7 Peaks Domestique Series ride #7: Mt. Buffalo

This is the third of four blog posts about a recent trip to the Victorian Alps for the 7 Peaks Domestique Series. Parts one and two here can be found here and here respectively.

Day two of our trip to the Victorian Alps was always going to be long and tiring. We’d left Falls Creek at 6am, climbed Mt. Hotham, headed to Bright for lunch … and the day wasn’t even half done.

I’d discovered at the top of Mt. Hotham that I had a loose spoke and so my first mission after getting to Bright was to head to the bike shop. My plan was to get the wheel trued or, failing that, get the loose spoke tightened enough to get me through the afternoon’s climb up Mt. Buffalo. The folks at the LBS were most unhelpful, refusing to even tighten the loose spoke. In the end I bought myself a spoke key and fixed the problem in 2 minutes (the spoke is fine a week and half and ~200km later).

With the spoke issue dealt with it was over to Bright Velo to meet with some of the riders in our group, have something to eat and prepare for a film shoot that was happening that afternoon.

Gettin' ready to roll.
Image: Wil Gleeson

Last year Tourism Victoria released a series of four videos with Australian road race champion Simon Gerrans to promote 7 Peaks. Now, Tourism North East has commissioned a videographer to shoot the remaining three videos in the series, starting with Mt. Buffalo. The cool part: the videos are being shot to coincide with the 7 Peaks Domestique Series. It’s an exciting development for The Climbing Cyclist and Hells 500 and it was great to be part of the project.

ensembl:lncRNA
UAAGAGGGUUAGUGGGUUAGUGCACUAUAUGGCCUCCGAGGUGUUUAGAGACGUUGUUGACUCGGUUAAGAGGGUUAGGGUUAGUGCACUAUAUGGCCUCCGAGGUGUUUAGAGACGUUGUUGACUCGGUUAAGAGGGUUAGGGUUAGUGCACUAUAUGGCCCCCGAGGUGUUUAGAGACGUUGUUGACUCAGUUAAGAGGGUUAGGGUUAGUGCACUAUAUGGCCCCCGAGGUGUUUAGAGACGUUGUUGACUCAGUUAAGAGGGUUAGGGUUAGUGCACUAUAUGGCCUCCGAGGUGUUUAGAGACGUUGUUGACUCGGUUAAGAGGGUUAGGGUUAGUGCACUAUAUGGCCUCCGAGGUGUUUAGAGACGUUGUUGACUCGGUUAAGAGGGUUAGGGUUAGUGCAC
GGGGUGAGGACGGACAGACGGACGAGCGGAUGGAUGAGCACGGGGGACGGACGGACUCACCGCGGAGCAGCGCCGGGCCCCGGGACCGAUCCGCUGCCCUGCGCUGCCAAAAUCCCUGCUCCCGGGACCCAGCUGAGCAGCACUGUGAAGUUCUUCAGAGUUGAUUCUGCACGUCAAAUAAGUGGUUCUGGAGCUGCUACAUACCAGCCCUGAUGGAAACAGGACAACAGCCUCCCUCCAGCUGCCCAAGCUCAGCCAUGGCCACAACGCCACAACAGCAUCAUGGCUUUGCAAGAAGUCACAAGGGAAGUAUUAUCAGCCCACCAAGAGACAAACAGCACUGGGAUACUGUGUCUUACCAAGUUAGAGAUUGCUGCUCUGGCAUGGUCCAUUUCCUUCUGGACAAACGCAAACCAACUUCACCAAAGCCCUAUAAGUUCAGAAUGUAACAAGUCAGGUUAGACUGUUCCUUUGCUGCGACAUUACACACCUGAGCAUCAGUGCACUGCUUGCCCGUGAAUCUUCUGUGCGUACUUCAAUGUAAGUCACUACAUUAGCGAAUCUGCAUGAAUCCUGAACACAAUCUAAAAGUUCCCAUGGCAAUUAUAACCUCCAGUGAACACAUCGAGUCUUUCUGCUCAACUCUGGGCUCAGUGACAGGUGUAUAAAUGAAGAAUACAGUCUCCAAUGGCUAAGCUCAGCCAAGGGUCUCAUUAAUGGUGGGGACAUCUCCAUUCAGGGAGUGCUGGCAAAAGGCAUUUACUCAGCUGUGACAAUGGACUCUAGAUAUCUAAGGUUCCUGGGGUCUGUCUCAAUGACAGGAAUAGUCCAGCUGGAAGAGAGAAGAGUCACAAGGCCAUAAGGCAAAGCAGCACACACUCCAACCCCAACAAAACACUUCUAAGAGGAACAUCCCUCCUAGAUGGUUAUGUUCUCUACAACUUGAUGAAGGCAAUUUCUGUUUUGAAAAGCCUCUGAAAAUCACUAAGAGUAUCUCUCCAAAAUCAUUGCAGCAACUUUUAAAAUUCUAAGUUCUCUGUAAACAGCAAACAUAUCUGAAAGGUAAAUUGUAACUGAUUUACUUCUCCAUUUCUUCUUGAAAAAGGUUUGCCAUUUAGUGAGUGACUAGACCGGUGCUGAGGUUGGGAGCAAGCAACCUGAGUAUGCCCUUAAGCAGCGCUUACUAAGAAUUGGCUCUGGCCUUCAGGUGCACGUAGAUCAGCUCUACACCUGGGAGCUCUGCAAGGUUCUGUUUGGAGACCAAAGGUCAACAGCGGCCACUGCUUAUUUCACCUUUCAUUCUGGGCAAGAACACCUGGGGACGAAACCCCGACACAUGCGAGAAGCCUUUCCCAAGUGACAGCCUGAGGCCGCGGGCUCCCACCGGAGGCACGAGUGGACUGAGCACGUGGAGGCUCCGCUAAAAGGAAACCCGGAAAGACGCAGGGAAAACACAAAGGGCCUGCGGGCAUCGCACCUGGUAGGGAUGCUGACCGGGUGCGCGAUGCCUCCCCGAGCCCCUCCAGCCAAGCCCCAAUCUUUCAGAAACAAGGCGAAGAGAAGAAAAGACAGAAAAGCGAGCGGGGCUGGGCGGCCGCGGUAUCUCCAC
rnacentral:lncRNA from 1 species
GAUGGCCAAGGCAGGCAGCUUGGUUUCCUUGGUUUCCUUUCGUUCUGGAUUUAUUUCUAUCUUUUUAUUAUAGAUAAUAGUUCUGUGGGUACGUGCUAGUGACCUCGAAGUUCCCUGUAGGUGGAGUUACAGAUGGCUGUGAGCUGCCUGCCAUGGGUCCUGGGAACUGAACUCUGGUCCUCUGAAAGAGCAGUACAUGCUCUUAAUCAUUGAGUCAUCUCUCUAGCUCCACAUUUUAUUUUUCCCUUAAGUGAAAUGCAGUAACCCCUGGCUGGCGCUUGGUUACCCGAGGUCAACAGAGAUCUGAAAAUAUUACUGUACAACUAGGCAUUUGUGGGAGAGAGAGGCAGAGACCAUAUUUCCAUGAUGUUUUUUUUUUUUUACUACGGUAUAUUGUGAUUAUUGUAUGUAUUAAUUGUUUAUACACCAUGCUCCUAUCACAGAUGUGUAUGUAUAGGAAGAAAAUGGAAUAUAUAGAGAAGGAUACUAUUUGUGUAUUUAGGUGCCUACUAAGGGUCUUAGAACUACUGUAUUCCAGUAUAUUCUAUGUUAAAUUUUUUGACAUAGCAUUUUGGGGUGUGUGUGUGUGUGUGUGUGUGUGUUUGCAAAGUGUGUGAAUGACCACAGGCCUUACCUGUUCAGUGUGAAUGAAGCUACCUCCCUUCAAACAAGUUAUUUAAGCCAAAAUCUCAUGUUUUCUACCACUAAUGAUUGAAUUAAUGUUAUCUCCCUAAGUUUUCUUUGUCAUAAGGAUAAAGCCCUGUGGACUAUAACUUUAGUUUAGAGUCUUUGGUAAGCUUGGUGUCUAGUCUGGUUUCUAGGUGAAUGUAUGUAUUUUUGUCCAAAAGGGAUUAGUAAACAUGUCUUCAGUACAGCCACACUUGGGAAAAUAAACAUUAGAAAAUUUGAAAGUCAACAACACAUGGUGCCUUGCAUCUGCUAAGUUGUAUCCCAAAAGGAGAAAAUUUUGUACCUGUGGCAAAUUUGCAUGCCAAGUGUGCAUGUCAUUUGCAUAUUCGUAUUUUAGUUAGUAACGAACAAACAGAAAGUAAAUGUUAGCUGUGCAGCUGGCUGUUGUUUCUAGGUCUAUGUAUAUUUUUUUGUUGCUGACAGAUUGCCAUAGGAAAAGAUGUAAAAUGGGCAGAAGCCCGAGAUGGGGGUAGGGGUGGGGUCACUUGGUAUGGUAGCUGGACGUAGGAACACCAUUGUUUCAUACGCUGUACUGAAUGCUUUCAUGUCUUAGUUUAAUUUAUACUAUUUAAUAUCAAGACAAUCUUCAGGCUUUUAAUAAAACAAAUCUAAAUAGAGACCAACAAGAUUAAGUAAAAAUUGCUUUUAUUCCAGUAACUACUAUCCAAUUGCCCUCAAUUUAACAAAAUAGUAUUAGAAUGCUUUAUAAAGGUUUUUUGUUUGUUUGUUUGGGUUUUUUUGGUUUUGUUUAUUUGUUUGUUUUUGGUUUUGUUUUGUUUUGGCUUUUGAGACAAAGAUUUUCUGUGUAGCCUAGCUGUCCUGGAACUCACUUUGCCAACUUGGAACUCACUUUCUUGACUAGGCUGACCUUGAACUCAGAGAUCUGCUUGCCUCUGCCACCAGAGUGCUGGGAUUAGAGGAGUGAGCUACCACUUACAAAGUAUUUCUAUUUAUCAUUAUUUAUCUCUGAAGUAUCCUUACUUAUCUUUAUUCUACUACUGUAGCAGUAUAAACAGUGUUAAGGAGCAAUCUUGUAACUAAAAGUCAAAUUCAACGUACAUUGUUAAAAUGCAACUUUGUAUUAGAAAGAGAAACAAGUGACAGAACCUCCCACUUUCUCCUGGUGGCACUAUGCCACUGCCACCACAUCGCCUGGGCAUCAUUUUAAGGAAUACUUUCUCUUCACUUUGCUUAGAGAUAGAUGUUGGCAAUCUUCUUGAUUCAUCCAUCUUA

After wolfing down some lunch, a small bunch of us rode from Bright Velo over to the Mt. Buffalo tollbooth. Not long after we arrived the cameras started rolling as Andy and I gave a short presentation about what the riders could expect from the climb.

But the video wasn’t about Andy and I — it was about a small bunch of riders that had been plucked from our main group; riders who had a story to tell. As the rest of the group set off up the road, our film stars did one-on-one interviews, before joining us on the climb with cameras focused on them. I look forward to seeing how the video turns out!

Matt ‘Fletch’ Fletcher and Cyril Dixon were kind enough to volunteer for lanterne rouge duty for the main bunch which meant Andy and I could move up the road, chatting with riders as we went.

It all started off well — we weren’t going hard enough between groups for the fatigue from three climbs in two days to cause any great difficulty. It was great having riders ahead of us to aim for as we pushed up the road and it was fun slowing down to chat to people as we went past.

It was particularly cool to see Naomi Cameron out there. Her and Andy had been emailing each other for a few weeks, with Naomi expressing her interest in coming along but also her nervousness at never having done much climbing before. It was great to see Naomi out on the mountain and we suspect she might have been downplaying her ability a little bit — it took us nearly 10km to catch her!

It was a great effort by Naomi to make it up the hill. (Image: Wil Gleeson)
It was a great effort by Naomi to make it up the hill. (Image: Wil Gleeson)

It wasn’t the hottest day I’ve ever experienced on Mt. Buffalo but with the temperature in the 30s and the fatigue starting to set in, things started to get pretty tough. As Andy and I continued to jump from group to group, I became increasingly grateful for the short rest we’d get while speaking with other riders. But then it would be time to move on and I’d be feeling the many kilometres of climbing I’d already done that weekend.